Is There Anything Else I Can Help You With?
You conjure enough courage to call your wireless provider with a question and they are efficiently able to answer the question. Good news.
A little background, in the past, I've been emotionally bruised when having to call large providers about a given concern or question. It's was unpredictable what might happen and I like control so it's an uneasy feeling not knowing how a call might go. Before the call, I imagine all that could go wrong. Wrong number? Wrong department? Inaccurate phone prompts? Perhaps being on hold for 60 minutes! Many years ago, without portals and online access, it appeared to be more challenging getting questions answered or concerns addressed. With all that conditioning about calling companies, there may be some fallout about my mental state before the call.
Being satisfied with the interaction (and ready to end the call) except at the last second the customer service rep asks you if there's anything else they can help you with? (How about not always asking me if you have additional questions? (Kidding of course.)) Almost every large American insurance or business organization has either engaged in this approach or still does. In this instance, both parties may have that feel and know the purpose of the interaction was complete but still, the company rep needs to ask, "Is there anything else I can help you with today?" 9 times out of 10, both parties are "Good." Still, you hear that more often than you probably should. For some businesses, this may be an approach as part of a customer service campaign for some businesses. The intent is good but I wonder about the effectiveness -- everyone knows that the rep has to ask that before the interaction is considered complete. Reps just realize that's just a part of every phone interaction.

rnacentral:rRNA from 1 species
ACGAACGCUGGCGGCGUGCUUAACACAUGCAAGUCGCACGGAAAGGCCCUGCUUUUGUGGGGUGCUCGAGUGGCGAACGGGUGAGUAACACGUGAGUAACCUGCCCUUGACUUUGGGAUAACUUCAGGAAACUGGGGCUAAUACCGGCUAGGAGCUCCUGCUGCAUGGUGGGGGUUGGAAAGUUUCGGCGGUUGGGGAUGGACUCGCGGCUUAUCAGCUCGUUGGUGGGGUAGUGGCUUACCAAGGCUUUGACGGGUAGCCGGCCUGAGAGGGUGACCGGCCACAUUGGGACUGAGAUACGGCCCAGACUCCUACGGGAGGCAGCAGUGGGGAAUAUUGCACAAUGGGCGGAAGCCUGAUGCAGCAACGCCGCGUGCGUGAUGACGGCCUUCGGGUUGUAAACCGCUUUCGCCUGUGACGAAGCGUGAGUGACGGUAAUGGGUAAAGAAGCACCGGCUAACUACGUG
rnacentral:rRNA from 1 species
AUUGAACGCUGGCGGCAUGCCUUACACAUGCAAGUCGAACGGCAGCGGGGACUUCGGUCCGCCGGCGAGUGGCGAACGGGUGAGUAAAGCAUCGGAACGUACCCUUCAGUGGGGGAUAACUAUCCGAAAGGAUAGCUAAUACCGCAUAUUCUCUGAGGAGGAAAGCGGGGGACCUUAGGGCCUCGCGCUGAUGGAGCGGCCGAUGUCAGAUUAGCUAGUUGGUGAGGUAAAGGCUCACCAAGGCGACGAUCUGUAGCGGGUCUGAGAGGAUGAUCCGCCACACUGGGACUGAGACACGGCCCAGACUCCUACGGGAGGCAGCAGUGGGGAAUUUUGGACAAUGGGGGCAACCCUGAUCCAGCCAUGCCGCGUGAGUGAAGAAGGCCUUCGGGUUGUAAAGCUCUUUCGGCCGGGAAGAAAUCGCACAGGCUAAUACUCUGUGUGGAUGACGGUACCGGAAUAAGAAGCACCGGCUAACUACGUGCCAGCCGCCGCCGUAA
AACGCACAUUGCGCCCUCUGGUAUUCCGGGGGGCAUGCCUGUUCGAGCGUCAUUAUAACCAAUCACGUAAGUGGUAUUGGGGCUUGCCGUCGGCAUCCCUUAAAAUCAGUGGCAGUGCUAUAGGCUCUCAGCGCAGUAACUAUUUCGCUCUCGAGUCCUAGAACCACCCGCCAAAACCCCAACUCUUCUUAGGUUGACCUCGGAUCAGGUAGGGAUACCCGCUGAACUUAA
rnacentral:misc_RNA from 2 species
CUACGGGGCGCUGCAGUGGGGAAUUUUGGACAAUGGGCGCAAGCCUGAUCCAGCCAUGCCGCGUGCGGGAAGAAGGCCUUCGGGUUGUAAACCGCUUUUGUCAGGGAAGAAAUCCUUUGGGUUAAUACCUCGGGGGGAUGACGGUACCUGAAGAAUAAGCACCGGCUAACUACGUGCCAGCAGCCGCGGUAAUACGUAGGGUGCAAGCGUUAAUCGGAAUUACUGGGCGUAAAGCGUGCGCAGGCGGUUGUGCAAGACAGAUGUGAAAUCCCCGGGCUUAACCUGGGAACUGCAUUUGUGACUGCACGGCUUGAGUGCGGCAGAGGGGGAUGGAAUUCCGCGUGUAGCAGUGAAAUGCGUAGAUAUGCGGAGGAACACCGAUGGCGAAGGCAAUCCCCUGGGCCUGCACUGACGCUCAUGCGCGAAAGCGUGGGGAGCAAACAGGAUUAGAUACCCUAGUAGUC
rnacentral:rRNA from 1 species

Too Many Surveys
One more thing, early in some phone interactions, you will be asked if you're willing to complete a survey at the end of the conversation. Honestly, I'm more inclined to complete surveys when I have a point to make that needs a response. In other words, if I'm really impressed with the representative, I'll make it a point to provide feedback. When something is done well, make it known to management. If the communication during the interaction was quite challenging, I'd make it a point to provide feedback. This means I will not know early in the interaction whether I want to complete a survey as I need key things to occur which would prompt such feedback.
Hard To Reply To Every Solicited Survey
One more survey point, I receive a lot of phone and online surveys and solicited input from providers. I'm assuming some of this feedback is invaluable to them. The thing is, I have limited resources so I can't take every offer that comes by. I'm more inclined to provide input, more inclined than the average person but even I have my limits. I don't sense my opinion will provide much value or a company is just "going through the motions" with surveys.